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What Is a Palantir from The Rings of Power?

Editor’s Note: The following article contains spoilers for Episodes 1-4 in The Rings of Power.Prime Video’s long-awaited series Lord of The Rings: The Rings of Power, the latest project to borrow from J.R.R Tolkien’s well-loved Middle-earth, has taken the audience by storm. With well-executed references to canonical events, along with quite a number of backstories for events Tolkien’s ardent fans may be well-versed in, the series almost stands as an unofficial prequel of sorts.


The show’s latest episode, “The Great Wave”, shines light on Queen Regent Miriel (Cynthia Addai-Robinson) and her father Tar-Palantir’s knowledge of the prophecy regarding the doom of Númenor. According to the Queen, the prophecy would be set in motion upon an elf’s arrival — a rather explicit hinting towards Galadriel (Morfydd Clark) — and the source of this futuristic bit of information is none other than — a palantir!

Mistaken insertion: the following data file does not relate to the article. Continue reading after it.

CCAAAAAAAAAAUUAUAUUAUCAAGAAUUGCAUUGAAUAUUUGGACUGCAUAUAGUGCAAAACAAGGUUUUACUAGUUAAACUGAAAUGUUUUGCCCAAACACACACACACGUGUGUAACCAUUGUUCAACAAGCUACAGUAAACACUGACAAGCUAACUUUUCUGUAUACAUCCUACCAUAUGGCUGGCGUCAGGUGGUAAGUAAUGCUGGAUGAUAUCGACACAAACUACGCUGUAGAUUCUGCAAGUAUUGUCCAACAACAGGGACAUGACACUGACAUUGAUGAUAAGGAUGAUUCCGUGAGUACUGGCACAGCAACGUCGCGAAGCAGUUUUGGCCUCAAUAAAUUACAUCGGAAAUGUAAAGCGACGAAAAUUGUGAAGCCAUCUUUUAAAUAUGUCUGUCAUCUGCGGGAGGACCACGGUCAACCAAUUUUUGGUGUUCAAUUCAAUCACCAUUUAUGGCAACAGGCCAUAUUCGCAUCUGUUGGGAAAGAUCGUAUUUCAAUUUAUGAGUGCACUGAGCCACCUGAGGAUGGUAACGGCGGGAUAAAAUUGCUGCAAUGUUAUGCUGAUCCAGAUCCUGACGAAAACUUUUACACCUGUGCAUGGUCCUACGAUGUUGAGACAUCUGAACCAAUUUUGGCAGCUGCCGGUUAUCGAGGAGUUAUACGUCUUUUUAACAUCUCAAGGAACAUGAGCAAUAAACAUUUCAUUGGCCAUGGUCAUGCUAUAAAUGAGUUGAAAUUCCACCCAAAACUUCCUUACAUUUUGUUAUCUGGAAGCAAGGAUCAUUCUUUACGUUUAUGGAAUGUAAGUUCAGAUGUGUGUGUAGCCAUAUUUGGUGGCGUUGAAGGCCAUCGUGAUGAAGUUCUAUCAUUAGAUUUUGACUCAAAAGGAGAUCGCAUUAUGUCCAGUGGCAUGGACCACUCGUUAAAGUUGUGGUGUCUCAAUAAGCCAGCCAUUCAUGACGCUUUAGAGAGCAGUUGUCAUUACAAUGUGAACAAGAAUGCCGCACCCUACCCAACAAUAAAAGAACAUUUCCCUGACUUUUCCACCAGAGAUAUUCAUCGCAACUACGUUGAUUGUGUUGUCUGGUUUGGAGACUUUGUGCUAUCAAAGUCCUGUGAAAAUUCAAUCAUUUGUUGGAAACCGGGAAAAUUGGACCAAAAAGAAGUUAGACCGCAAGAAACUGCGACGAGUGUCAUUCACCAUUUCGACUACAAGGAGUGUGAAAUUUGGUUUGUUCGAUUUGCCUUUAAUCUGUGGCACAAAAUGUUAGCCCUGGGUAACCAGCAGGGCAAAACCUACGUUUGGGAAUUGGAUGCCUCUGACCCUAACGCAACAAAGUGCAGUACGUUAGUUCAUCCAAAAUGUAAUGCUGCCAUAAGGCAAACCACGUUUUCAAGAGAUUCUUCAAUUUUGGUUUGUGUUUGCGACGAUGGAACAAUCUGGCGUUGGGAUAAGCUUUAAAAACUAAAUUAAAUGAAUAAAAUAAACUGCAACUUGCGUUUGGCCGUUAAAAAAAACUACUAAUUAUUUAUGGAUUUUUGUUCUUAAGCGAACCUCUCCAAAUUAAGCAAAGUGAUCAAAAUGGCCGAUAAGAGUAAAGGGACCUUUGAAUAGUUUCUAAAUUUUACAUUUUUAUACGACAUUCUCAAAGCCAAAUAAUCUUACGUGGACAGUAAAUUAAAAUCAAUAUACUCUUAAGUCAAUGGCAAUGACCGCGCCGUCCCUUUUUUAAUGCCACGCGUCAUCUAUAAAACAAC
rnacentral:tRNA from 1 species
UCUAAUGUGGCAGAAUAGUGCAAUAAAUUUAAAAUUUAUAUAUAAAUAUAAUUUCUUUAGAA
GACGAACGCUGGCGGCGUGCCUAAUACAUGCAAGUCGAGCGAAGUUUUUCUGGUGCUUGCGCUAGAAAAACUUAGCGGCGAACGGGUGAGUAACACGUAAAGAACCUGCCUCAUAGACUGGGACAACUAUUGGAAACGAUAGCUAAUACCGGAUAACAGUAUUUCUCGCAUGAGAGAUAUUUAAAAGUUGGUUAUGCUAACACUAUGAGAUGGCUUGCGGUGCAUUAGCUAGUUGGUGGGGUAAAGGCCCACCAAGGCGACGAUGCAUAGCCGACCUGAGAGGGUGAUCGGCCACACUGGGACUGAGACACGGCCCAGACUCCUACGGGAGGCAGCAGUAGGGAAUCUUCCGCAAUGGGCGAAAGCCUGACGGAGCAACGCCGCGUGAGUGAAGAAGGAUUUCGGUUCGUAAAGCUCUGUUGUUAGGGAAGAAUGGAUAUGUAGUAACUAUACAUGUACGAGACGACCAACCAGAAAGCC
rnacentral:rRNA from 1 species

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Ardent fans of Tolkiens’ works are no stranger to the spherical crystals called palantiri (plural for palantir), objects of great power holding the ability to let their master glimpse beyond their own realm of time. Translated to “far-sighted” in Quenya, —the language of the Elves — the palantiri have remained instrumental in aiding the events of The Lord of the Rings — and now that The Rings of Power has introduced its own spin on the unbreakable Seeing Stones, their hype has never been realer! With that being established, here is all that we know about the crystal balls.